Lipid-Extracted Muscle and Liver Tissues: Can They Reveal Mercury Exposure of Pelagic Sharks?
20 Pages Posted: 30 May 2023
Pelagic sharks are apex predators in oceanic ecosystems and tend to accumulate high amount of mercury (Hg). The conventional method for assessing Hg exposure in sharks involves analyzing tissue samples without any chemical treatment. However, a substantial number of chemically treated tissue samples are still being preserved in laboratories or museums. It is critical to maximize the utilization of existing samples to reduce the need for additional sampling of pelagic sharks, especially endangered species. Lipid extraction is a widely employed pretreatment process for carbon isotope analysis in shark trophic ecology, while its impact on Hg quantification remains uncertain. Here, we evaluated the feasibility of using lipid-extracted muscle and liver tissues for investigation of Hg exposure in four endangered pelagic sharks inhabiting the eastern Pacific, including bigeye thresher (Alopias superciliosus), pelagic thresher (A. pelagicus), blue shark (Prionace glauca) and silky shark (Carcharhinus falciformis). Results showed that total Hg concentrations (THg) differed between untreated (THga) and lipid-extracted (THgb) samples for each tissue type of each species. In addition, dichloromethane-methanol extractions significantly altered the amount of Hg. This may result from the removal of lipoprotein compounds that vary between tissues and species. The THga can be calculated by THgb using the following formulas, THga = 1.14 × THgb + 0.30 and THga = 0.33 × THgb + 0.18, for muscle and liver tissues, respectively. These findings emphasize the applications of lipid-extracted tissues in THg analysis. This study may have important implications for improving evaluation of Hg exposure in endangered pelagic sharks.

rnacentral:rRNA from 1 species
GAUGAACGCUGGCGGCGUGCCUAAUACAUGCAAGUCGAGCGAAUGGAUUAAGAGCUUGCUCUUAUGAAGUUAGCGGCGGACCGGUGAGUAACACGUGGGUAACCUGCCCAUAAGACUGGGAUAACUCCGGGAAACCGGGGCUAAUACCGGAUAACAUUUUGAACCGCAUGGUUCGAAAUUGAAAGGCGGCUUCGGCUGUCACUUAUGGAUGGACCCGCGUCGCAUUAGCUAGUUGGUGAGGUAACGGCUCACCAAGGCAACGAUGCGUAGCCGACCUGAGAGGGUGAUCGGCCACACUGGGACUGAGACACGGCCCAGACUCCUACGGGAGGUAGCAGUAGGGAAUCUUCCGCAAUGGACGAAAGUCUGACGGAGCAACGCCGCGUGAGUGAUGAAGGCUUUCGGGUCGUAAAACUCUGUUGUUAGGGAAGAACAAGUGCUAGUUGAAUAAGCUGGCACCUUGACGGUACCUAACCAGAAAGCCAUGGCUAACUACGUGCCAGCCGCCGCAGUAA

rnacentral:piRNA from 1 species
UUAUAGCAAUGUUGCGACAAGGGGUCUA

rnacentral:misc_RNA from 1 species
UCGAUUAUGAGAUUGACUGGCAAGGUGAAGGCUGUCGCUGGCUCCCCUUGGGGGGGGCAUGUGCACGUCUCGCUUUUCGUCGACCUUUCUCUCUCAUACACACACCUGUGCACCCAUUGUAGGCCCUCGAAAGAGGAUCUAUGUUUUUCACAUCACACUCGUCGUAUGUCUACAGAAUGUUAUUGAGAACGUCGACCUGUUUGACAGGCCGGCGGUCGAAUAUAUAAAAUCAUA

Keywords: Pelagic shark, Mercury exposure, Lipid extraction, Muscle, liver
Suggested Citation: Suggested Citation